Parsing domain names in a useful way is a bitch. Top level domains have lots of exceptions and weird rules that are imposible to reflect in a sensible regular expression.
The only reliable way of approaching this is using a regularly updated list of all known public suffixes and their basic rules.
Thankfully, the Mozilla guys maintain the Public Suffix List which is exactly such a list.
For most domain names it is pretty straight forward to figure out what the “tld”, “apex domain” and “subdomain” are. For example, given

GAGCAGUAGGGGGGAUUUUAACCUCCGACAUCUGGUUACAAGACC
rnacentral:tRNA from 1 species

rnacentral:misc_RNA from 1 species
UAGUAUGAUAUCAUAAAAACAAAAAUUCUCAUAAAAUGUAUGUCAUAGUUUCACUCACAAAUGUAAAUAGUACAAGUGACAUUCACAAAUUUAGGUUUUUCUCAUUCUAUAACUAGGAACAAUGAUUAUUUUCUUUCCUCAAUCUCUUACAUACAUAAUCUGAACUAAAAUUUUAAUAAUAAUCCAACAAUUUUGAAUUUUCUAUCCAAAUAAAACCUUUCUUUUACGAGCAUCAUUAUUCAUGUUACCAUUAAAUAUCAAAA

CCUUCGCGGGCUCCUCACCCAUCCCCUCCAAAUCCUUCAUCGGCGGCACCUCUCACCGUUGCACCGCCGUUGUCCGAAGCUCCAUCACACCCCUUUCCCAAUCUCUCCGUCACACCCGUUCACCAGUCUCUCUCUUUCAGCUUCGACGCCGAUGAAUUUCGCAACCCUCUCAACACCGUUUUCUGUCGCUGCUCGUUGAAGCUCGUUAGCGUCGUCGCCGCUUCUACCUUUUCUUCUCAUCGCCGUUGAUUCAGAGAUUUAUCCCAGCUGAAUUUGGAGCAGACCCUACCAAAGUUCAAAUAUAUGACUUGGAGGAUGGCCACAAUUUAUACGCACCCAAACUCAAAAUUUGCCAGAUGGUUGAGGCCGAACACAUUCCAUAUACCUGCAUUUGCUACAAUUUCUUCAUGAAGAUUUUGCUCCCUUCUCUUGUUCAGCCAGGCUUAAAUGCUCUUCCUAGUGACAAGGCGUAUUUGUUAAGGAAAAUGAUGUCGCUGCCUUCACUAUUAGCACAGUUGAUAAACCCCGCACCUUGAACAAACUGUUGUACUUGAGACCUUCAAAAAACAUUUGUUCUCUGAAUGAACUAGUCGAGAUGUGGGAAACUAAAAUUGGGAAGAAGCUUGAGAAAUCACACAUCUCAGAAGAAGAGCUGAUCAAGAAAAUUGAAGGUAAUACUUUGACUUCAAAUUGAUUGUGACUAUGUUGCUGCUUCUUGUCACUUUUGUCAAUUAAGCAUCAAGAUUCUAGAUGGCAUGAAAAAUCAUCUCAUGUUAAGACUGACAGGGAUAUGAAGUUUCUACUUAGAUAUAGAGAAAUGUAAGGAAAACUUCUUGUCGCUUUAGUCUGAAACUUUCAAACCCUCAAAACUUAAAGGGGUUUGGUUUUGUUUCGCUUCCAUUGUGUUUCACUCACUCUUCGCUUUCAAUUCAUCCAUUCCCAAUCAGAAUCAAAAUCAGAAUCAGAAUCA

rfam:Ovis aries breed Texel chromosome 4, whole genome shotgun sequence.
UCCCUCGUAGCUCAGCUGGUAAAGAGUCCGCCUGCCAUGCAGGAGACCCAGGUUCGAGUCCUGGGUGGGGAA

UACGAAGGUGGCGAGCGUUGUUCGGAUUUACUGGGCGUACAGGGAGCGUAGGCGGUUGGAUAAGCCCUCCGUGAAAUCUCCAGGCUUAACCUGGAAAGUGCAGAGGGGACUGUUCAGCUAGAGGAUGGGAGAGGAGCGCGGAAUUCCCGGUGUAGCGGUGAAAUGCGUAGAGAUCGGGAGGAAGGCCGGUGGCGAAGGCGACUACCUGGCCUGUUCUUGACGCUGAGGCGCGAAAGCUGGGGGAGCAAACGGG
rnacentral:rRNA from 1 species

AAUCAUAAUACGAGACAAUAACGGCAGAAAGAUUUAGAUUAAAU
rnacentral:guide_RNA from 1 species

www.foo.com we can easily tell
com is the “tld”, while the “apex domain” is
www is a subdomain.
Now consider domain names like
a.b.c.d.foo.uk.com. If you are familiar with domain name registrations you probably know where this is going. Exceptional rules apply for many “public suffixes”, and in practical terms,
uk.com should be considered as the “tld” and not
psl allows you to easily determine which part of the domain name is the
public suffix, .
It handles all kinds of special rules like the ones affecting
.jp, where the registry reserves domains for each prefecture and government body, but domains can also be registered at the top level domain. Consider
Finally, another very important thing to bear in mind is internationalised domain names.
psl handles both punnycode ascii domains as well as unicode.
Feedback and pull requests are welcome 😉